By Robert Spencer
Over the last few weeks, Stanford has erupted in debate over the College Republicans’ invitation for me to speak on campus about the dangers of Islam. And while the ruckus over that event is bad enough — as far as I’m concerned, calling someone “Islamophobic” is actually “Islamophobic-phobic” — it also speaks to a much larger issue I face as an outspoken conservative.
Let me be very clear: I am sick and tired of being called racist just because I support smaller government, lower taxes, and racism.
Dialogue cannot happen if each side resorts to ad hominem attacks on the other, but that’s just what Stanford’s left is trying to do when they label me a racist. It’s one thing to disagree with my policies, but quite another to say that those policies make me a bad person. Who cares if I support a limited bureaucratic state? Or a flat tax? Or racism? Those things don’t make me evil; they just make me different.
Look, I recognize that some unsavory groups have been attracted to my rhetoric recently: Neo-Nazis, Neo-Confederates, Neo-Fascists. But how could I have known that my ideology, built around returning America to the ways of the past, would find support among people who wish America would return to the ways of the past? Those people don’t define me; they just happen to really like a lot of the same things I do.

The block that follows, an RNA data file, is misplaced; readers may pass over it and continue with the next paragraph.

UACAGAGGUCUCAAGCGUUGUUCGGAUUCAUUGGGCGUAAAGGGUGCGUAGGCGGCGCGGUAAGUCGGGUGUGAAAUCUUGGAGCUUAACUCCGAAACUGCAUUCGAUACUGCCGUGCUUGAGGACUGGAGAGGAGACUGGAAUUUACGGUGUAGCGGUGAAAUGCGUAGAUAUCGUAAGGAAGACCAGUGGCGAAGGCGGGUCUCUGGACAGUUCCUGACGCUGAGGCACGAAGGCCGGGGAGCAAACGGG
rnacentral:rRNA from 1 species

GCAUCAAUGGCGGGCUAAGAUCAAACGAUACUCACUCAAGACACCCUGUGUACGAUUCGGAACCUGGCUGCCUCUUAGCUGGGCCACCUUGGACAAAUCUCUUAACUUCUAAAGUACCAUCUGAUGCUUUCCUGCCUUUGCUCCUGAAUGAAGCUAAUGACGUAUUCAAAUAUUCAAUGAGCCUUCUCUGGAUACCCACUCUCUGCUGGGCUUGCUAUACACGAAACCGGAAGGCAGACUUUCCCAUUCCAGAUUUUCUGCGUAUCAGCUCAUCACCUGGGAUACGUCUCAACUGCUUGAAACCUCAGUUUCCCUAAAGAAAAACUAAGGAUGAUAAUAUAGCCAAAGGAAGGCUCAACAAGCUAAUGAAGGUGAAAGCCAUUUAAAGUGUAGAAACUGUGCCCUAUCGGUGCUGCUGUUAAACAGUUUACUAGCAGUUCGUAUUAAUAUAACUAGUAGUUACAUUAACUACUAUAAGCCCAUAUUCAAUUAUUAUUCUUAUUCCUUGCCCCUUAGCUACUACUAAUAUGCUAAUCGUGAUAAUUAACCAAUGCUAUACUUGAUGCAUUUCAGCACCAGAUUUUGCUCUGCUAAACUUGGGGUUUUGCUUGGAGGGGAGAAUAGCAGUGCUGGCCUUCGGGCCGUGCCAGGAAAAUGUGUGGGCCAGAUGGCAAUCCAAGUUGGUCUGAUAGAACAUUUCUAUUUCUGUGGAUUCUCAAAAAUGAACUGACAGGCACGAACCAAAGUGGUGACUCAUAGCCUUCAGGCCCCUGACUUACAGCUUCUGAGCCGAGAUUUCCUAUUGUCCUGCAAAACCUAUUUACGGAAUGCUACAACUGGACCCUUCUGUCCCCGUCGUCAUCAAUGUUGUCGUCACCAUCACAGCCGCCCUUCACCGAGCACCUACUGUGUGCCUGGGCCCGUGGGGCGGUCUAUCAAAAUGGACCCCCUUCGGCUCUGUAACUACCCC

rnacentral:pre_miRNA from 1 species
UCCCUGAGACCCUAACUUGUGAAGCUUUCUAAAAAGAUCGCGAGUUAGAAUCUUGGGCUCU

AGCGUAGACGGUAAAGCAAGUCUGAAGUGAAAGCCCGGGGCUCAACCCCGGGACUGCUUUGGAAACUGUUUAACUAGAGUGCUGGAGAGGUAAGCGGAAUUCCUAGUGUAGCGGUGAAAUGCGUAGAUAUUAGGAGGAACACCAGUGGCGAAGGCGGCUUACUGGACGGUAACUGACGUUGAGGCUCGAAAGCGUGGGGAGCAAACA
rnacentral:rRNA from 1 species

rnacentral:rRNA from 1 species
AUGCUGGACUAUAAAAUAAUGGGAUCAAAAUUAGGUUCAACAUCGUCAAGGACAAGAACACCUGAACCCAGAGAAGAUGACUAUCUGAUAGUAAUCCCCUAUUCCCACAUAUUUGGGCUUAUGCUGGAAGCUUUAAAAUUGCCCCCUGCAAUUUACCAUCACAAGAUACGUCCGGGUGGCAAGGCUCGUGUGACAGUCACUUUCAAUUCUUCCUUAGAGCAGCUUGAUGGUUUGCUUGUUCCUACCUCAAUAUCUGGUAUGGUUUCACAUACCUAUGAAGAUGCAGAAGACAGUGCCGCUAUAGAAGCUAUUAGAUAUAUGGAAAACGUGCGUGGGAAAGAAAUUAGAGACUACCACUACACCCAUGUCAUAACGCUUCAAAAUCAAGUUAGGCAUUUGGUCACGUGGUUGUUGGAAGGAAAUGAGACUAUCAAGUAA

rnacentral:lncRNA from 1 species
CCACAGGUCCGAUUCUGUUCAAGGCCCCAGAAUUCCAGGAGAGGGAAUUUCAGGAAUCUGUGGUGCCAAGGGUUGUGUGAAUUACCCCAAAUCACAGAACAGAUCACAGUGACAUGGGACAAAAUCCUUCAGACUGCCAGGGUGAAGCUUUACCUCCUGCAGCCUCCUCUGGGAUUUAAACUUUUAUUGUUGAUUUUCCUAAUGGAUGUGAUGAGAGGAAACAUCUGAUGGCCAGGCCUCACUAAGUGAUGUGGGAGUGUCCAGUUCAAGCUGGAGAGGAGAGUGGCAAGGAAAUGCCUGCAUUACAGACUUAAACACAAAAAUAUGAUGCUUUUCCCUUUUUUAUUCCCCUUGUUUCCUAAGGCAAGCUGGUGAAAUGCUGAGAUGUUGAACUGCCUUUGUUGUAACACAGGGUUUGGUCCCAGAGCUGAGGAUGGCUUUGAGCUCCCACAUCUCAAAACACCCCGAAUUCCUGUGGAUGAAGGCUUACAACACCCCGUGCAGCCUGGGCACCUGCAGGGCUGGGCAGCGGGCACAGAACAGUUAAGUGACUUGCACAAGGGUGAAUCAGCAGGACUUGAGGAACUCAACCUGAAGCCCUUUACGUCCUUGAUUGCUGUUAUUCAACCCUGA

Fundamentally, characterizing me as racist is, if you think about it, the worst kind of racism there is: racism against racists. And I just don’t think it’s fair to paint me with that brush purely on the basis of my principled beliefs in states’ rights, trickle-down economics, and discriminating against Muslims.
Is that really so wrong?